 alternating with local treatment
   after local treatment (adjuvant)
          Multimodality therapy
► induction
   possibility to assess effect of treatment in vivo
   early introduction of systemic therapy (prevention
    of development of chemoresistance)
   undisturbed blood supply
   prevention of tumor seeding during surgery
   enabling of decreasing the extent of surgery
   lack of interfering toxicities form other treatments

   delay in local treatment (risk of progression)
   increased risk of local treatment complications
            Multimodality therapy
   concomitant
     no delay of any treatment modality
     synergistic effect of various modalities

     increased toxicity
     need to modify doses of individual treatment
      modalities
            Multimodality therapy
   adjuvant
     no delay in local treatment
     higher sensitivity of microscopic tumor foci

     lack of possibility to assess efficacy of treatment
     delayed start of systemic treatment (possibility of
      develppment of resistance)
     impaired blood supply (and drug penetration)
Hormonal therapy
            Hormonotherapy
        – mechanism of action
► hormone   deprivation
  removal of hormone producing tissue (ablation)
  inhibition of hormone production
  blocking of hormone receptors
► exogenous   hormone treatment (additive
 therapy)
  Hormonotherapy – indications

► breast   cancer
► prostate   cancer
► endometrial      cancer
► renal   cancer
► ovarin   cancer
► cancer   cachexia
Hormones Affecting the Breast
Effects of oestrogen on transcription of
      oestrogen responsive genes

                                   co-act
                                                transcription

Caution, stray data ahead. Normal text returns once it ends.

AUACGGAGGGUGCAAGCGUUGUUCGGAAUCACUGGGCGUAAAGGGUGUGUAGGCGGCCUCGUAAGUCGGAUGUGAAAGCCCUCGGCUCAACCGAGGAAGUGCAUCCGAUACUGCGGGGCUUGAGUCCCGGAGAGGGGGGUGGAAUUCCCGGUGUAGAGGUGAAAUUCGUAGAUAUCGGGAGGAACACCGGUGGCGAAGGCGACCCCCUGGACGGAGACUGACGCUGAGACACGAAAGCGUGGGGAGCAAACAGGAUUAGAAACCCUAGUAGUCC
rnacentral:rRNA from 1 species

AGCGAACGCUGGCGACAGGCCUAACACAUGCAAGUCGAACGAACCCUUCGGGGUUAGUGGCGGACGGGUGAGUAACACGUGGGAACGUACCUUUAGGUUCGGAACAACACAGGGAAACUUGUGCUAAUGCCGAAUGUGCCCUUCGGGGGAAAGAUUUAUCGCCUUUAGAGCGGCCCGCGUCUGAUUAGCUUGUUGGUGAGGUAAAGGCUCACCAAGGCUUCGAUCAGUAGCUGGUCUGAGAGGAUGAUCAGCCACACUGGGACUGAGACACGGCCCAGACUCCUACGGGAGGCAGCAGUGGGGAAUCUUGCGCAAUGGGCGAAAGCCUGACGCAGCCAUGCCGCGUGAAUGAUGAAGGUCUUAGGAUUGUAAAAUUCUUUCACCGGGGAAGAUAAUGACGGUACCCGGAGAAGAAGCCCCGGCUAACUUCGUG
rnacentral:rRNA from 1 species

AF1 AF1
                       E EAF2
 H                  loss of HSPs
 S
 P
     ER   +E     phosphorylation,
                    dimerisation
               conformational change
                                                transcription
                      AF1 AF1
                       E EAF2          co-act
Hormonotherapy of breast cancer
     = estrogen depletion
► estrogen     source ablation
     castration (surgery or RT)
     adrenalectomy
► removal   or inhibition of gonadotropin action
     hypophysectomy
     LHRH agonists
     danazol
     progestagens
► estrogen     receptor blocking
     tamoxifen and other SERM
     fulvestrant
► inhibition   of peripheral estrogen synthesis
     aromatase inhibitors
                    Premenopausal
                  estrogen production
                     Gonadotrophins
   a/LHRH              (FSH + LH)                             Oestrogens

                                           Ovary


                                                       Tamoxifen
                   Pituitary gland Adrenal
    LHRH                           glands